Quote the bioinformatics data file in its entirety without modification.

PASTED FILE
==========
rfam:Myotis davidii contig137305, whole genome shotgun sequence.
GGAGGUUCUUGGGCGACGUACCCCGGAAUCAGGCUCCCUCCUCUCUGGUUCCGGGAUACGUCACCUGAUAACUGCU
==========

rfam:Myotis davidii contig137305, whole genome shotgun sequence.
GGAGGUUCUUGGGCGACGUACCCCGGAAUCAGGCUCCCUCCUCUCUGGUUCCGGGAUACGUCACCUGAUAACUGCU